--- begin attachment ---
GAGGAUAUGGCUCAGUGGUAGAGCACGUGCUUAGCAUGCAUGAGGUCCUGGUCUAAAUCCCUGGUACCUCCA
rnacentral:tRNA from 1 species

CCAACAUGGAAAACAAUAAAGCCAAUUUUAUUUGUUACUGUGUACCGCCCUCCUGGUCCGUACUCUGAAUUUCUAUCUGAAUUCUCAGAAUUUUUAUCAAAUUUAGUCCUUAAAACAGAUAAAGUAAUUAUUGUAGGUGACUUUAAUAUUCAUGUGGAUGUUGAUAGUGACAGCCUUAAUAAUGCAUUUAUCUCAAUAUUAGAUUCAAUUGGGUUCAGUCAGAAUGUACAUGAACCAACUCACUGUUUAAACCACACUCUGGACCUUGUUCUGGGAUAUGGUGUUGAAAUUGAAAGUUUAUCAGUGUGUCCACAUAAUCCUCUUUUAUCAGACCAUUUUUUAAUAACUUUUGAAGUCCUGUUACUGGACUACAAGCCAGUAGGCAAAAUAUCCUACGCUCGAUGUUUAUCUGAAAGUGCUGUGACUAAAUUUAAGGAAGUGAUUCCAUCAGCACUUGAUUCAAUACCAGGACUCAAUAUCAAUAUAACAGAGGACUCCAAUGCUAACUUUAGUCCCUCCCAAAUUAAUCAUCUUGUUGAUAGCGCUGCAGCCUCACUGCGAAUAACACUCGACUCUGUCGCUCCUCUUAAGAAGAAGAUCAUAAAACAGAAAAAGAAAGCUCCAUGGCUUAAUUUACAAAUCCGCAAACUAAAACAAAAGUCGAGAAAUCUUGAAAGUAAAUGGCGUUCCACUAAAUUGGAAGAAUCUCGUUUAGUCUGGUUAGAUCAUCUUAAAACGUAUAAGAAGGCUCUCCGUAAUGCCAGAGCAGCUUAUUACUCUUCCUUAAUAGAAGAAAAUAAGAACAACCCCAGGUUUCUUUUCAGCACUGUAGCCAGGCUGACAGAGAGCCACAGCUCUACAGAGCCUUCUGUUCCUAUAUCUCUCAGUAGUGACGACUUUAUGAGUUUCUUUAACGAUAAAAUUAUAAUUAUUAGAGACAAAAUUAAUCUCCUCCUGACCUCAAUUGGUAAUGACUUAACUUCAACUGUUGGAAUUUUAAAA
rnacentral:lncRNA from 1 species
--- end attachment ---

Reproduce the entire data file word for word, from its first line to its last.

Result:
GAGGAUAUGGCUCAGUGGUAGAGCACGUGCUUAGCAUGCAUGAGGUCCUGGUCUAAAUCCCUGGUACCUCCA
rnacentral:tRNA from 1 species

CCAACAUGGAAAACAAUAAAGCCAAUUUUAUUUGUUACUGUGUACCGCCCUCCUGGUCCGUACUCUGAAUUUCUAUCUGAAUUCUCAGAAUUUUUAUCAAAUUUAGUCCUUAAAACAGAUAAAGUAAUUAUUGUAGGUGACUUUAAUAUUCAUGUGGAUGUUGAUAGUGACAGCCUUAAUAAUGCAUUUAUCUCAAUAUUAGAUUCAAUUGGGUUCAGUCAGAAUGUACAUGAACCAACUCACUGUUUAAACCACACUCUGGACCUUGUUCUGGGAUAUGGUGUUGAAAUUGAAAGUUUAUCAGUGUGUCCACAUAAUCCUCUUUUAUCAGACCAUUUUUUAAUAACUUUUGAAGUCCUGUUACUGGACUACAAGCCAGUAGGCAAAAUAUCCUACGCUCGAUGUUUAUCUGAAAGUGCUGUGACUAAAUUUAAGGAAGUGAUUCCAUCAGCACUUGAUUCAAUACCAGGACUCAAUAUCAAUAUAACAGAGGACUCCAAUGCUAACUUUAGUCCCUCCCAAAUUAAUCAUCUUGUUGAUAGCGCUGCAGCCUCACUGCGAAUAACACUCGACUCUGUCGCUCCUCUUAAGAAGAAGAUCAUAAAACAGAAAAAGAAAGCUCCAUGGCUUAAUUUACAAAUCCGCAAACUAAAACAAAAGUCGAGAAAUCUUGAAAGUAAAUGGCGUUCCACUAAAUUGGAAGAAUCUCGUUUAGUCUGGUUAGAUCAUCUUAAAACGUAUAAGAAGGCUCUCCGUAAUGCCAGAGCAGCUUAUUACUCUUCCUUAAUAGAAGAAAAUAAGAACAACCCCAGGUUUCUUUUCAGCACUGUAGCCAGGCUGACAGAGAGCCACAGCUCUACAGAGCCUUCUGUUCCUAUAUCUCUCAGUAGUGACGACUUUAUGAGUUUCUUUAACGAUAAAAUUAUAAUUAUUAGAGACAAAAUUAAUCUCCUCCUGACCUCAAUUGGUAAUGACUUAACUUCAACUGUUGGAAUUUUAAAA
rnacentral:lncRNA from 1 species